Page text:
In their report, BBVA succinctly identifies five components of Big Data analytics: volume, velocity, variety, veracity and value. Balancing these components of your business’s approach to data analytics will ensure practical action can be taken from the information mined from these vast datasets.
The large cloud service providers have ensured their services have high levels of analytics built-in. Microsoft Azure is a good example. Research by Forrester concluded: “A wide range of IT professionals, including database administrators, data scientists, and infrastructure support become more efficient as a result of the time savings that Azure Analytics with Power BI provides with its better tools and automation. Across the board, the average time savings is 1.73 hours per week. Business users include power users such as business analysts as well as consumers of business intelligence. The average time savings is 1.75 hours per week. The total risk-adjusted savings in effort over three years is $4.9 million.”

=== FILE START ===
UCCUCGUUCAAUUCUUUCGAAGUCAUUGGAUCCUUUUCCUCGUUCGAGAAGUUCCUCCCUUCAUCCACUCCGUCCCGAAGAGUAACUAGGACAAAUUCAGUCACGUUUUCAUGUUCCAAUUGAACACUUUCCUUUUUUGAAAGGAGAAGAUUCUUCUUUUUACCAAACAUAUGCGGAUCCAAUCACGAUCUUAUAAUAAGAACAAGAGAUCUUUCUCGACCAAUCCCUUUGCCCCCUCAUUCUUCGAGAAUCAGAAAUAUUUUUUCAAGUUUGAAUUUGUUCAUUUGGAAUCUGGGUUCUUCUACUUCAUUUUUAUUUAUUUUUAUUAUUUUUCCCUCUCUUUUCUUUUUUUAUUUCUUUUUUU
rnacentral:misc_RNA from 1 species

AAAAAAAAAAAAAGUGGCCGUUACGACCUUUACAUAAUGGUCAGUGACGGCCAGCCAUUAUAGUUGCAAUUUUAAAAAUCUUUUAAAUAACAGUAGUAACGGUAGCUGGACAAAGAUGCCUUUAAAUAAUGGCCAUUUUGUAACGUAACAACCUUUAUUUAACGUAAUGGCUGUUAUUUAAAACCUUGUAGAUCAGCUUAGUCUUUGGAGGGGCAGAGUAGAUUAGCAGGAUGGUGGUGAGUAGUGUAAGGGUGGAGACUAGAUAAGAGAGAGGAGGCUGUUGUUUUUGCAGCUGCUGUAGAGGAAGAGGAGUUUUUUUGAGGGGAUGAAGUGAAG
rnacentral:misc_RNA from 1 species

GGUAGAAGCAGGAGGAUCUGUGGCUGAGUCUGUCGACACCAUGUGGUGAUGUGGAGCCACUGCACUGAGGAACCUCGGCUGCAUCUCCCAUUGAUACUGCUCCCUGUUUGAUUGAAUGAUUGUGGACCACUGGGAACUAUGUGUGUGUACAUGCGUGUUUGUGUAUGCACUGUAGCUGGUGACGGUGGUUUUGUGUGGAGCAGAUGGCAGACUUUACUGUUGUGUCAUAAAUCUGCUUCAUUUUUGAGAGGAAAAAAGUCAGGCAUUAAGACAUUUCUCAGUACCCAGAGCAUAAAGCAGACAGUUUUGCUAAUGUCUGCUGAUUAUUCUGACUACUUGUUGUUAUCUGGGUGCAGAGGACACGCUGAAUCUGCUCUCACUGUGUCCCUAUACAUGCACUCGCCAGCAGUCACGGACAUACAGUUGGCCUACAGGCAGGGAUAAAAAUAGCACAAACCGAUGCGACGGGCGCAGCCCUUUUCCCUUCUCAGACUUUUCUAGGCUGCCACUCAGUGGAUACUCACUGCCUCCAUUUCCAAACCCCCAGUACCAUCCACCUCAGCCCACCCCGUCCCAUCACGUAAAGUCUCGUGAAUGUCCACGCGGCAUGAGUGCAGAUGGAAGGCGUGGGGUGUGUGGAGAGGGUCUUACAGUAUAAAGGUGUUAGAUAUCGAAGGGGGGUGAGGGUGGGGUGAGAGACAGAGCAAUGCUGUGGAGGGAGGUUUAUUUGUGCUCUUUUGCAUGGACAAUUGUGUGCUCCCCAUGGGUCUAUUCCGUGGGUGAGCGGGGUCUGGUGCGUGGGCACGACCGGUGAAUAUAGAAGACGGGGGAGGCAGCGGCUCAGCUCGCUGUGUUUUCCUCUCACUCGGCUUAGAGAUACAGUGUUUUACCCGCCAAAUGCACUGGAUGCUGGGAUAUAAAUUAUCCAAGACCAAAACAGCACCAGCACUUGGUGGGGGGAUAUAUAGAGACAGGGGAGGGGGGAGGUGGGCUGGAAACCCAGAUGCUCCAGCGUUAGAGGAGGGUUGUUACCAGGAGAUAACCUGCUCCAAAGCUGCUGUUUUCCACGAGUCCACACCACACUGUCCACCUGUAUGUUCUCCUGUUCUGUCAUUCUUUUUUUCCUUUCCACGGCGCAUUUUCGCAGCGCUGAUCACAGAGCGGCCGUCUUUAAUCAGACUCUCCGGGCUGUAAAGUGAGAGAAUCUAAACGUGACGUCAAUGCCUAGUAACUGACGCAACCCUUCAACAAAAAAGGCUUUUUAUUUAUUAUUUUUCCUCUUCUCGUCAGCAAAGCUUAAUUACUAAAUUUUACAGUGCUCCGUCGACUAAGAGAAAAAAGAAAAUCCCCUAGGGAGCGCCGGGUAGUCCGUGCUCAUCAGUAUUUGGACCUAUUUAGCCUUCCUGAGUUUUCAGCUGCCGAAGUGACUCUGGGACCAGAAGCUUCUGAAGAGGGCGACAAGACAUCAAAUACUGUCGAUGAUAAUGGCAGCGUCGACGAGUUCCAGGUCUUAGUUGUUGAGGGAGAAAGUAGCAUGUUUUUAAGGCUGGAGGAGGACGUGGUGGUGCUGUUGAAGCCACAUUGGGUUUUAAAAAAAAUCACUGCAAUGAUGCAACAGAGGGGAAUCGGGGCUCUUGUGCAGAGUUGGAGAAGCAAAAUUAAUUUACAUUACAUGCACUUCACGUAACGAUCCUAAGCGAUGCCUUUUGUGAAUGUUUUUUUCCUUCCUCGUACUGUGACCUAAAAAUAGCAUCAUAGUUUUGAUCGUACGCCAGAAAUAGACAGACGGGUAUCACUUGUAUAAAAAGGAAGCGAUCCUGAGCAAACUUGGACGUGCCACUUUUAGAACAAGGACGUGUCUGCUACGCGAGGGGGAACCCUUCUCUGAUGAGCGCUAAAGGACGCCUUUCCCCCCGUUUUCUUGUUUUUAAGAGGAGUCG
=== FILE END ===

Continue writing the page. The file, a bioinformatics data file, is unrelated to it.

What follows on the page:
It is also vital to understand the tools that are now needed to extract insights from the large datasets, businesses are currently handling. Speaking to Silicon, Chris Roberts, head of data centre at Goonhilly Earth Station, said: “The sheer volume of data from IoT will make AI and machine learning a necessity. We are anticipating a wave of new applications that use the open mapping data from Earth observation satellites combined with IoT data from autonomous vehicles and smart speakers, for example.
Roberts continued: “While environmental applications are first out of the blocks, there are many business opportunities arising from using this open data – from allowing companies to price competitors’ assets, to predicting GDP and global conflict. An early example was when Orbital Insight forecast US retailer JCPenny’s struggles even before it shut down 130 stores in 2017 and before Wall Street had an inkling. It was tracking satellite images of 250,000 car park spaces for 96 retail chains across the US when it spotted trouble.”
As much of the information contained within the data businesses are managing will be highly personalized, security is paramount. As data is analyzed – often with automated AI systems – bias must be minimized from the results given.